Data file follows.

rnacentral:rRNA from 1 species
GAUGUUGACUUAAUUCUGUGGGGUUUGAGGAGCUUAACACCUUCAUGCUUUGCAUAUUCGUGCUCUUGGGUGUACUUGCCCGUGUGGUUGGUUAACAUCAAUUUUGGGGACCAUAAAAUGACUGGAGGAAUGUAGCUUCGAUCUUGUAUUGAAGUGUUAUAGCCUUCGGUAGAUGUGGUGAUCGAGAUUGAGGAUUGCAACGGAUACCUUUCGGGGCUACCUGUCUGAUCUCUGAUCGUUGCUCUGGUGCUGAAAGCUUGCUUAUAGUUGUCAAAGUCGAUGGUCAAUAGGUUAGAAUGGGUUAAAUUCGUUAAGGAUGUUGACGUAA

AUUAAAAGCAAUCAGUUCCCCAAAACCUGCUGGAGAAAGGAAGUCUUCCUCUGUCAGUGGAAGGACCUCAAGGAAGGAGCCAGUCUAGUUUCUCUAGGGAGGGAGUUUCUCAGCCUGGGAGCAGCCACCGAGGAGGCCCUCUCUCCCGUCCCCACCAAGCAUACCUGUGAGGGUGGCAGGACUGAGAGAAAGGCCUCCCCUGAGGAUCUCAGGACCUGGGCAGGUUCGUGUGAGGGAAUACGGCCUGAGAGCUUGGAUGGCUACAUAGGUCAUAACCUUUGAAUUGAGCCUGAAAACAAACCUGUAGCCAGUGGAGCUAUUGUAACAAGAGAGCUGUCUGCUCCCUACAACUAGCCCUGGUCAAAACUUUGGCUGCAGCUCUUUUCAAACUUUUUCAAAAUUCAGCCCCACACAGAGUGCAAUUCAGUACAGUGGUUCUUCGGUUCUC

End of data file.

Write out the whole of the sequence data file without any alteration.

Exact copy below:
rnacentral:rRNA from 1 species
GAUGUUGACUUAAUUCUGUGGGGUUUGAGGAGCUUAACACCUUCAUGCUUUGCAUAUUCGUGCUCUUGGGUGUACUUGCCCGUGUGGUUGGUUAACAUCAAUUUUGGGGACCAUAAAAUGACUGGAGGAAUGUAGCUUCGAUCUUGUAUUGAAGUGUUAUAGCCUUCGGUAGAUGUGGUGAUCGAGAUUGAGGAUUGCAACGGAUACCUUUCGGGGCUACCUGUCUGAUCUCUGAUCGUUGCUCUGGUGCUGAAAGCUUGCUUAUAGUUGUCAAAGUCGAUGGUCAAUAGGUUAGAAUGGGUUAAAUUCGUUAAGGAUGUUGACGUAA

AUUAAAAGCAAUCAGUUCCCCAAAACCUGCUGGAGAAAGGAAGUCUUCCUCUGUCAGUGGAAGGACCUCAAGGAAGGAGCCAGUCUAGUUUCUCUAGGGAGGGAGUUUCUCAGCCUGGGAGCAGCCACCGAGGAGGCCCUCUCUCCCGUCCCCACCAAGCAUACCUGUGAGGGUGGCAGGACUGAGAGAAAGGCCUCCCCUGAGGAUCUCAGGACCUGGGCAGGUUCGUGUGAGGGAAUACGGCCUGAGAGCUUGGAUGGCUACAUAGGUCAUAACCUUUGAAUUGAGCCUGAAAACAAACCUGUAGCCAGUGGAGCUAUUGUAACAAGAGAGCUGUCUGCUCCCUACAACUAGCCCUGGUCAAAACUUUGGCUGCAGCUCUUUUCAAACUUUUUCAAAAUUCAGCCCCACACAGAGUGCAAUUCAGUACAGUGGUUCUUCGGUUCUC